PeerJ talks to Chien-Hsiang Lin about their recently published PeerJ Life & Environment article A previously overlooked, highly diverse early Pleistocene elasmobranch assemblage from southern Taiwan.
Could you please introduce yourself and co-authors?
I am an assistant research fellow at the Biodiversity Research Center, Academia Sinica (BRCAS), Taipei, Taiwan. My research speciality is based on fossil bony fish, particularly the fish otolith. I am leading a group of biologists and paleontologists studying the diversity and ecology of marine organisms through time. The first author, Chia-Yen Lin, was my research assistant and she loves anything related to shark teeth. We also collaborated with Dr. Kenshu Shimada from the DePaul University, Chicago, a world-leading expert on fossil elasmobranch.
Our paper just published in PeerJ, entitled “A previously overlooked, highly diverse early Pleistocene elasmobranch assemblage from southern Taiwan” exemplifies a rarely described fossil study in the tropical-subtropical West Pacific. The study highlights the significance of “relevant fossil records that are traditionally overlooked or unstudied, despite being well-represented in the marine deposits of Taiwan.”
The Indo-West Pacific is regarded as a global marine biodiversity hotspot. For example, a remarkable 181 chondrichthyan species are known in Taiwan, approximating over 15% of the total number of global chondrichthyan species. “However, how this remarkable chondrichthyan fauna was formed and evolved in the past is not well understood.”
In this study, we described an elasmobranch assemblage composed of 20 taxa belonging to 9 families based on 697 specimens from three museum collections. “The assemblage represents the most diverse elasmobranch paleofaunas from Taiwan reported to date”, and it provides us a remarkable opportunity for understanding past fish community in the region.
We found that the Pleistocene elasmobranch fauna was markedly different from the living one today. There were abundant white sharks with body lengths exceeding 4 m, which is not seen for decades in the west coast of Taiwan. Additionally, “the occurrence of †Hemipristis serra is of particular importance because it is the first Pleistocene record in the area.”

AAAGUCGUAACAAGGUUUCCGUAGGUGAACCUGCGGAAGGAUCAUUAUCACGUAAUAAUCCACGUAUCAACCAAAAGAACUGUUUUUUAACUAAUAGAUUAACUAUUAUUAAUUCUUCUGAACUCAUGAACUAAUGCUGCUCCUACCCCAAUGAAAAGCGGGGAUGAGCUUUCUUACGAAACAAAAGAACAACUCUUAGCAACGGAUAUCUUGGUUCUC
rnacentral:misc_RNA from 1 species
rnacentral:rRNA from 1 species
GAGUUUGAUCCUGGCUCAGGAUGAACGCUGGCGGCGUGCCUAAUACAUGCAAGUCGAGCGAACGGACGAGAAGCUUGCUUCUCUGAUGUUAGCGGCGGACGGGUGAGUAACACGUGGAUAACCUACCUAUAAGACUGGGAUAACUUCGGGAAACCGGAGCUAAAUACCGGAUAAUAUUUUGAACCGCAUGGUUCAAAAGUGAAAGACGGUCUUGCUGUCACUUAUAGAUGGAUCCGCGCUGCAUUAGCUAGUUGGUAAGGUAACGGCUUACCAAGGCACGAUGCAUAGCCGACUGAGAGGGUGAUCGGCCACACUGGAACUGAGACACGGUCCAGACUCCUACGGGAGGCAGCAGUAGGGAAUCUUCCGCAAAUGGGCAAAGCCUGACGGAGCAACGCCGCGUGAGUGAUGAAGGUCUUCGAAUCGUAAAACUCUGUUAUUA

Where and when was the fossil discovered?
The fossil site is famous for various marine fossils and few terrestrial vertebrates. The site located in the Niubu area, Chiayi County, southwestern Taiwan, which is about 15 km east of Chiayi City. The stratum belongs to the Liuchungchi Formation dated at about 1.90‒1.35 Ma. The material was mainly collected by amateur fossil collector during the 1980s-2000s.
What is next for your research?
The future of studying marine fossils in the West Pacific, specifically in Taiwan, is exciting. People think that this region does not yield interesting fossils, but our pioneer survey has indicated numerous potential deposits full of materials, though they are typically of smaller sizes or fragmentary. Our aim is to filling the gap of understanding the historical marine fauna in this area and to attaining detailed insights into the spatiotemporal dynamics of biodiversity in the West Pacific.
How did you first hear about PeerJ, and what persuaded you to submit to us?
This is the second time I have published in PeerJ. I first found out about PeerJ during my PostDoc studies. I like the Lifetime Membership and Open Access system. The review process was fair, the academic editor and reviewers were all experts in the field; they provided excellent reviews and suggestions.
Would you submit again, and would you recommend that your colleagues submit?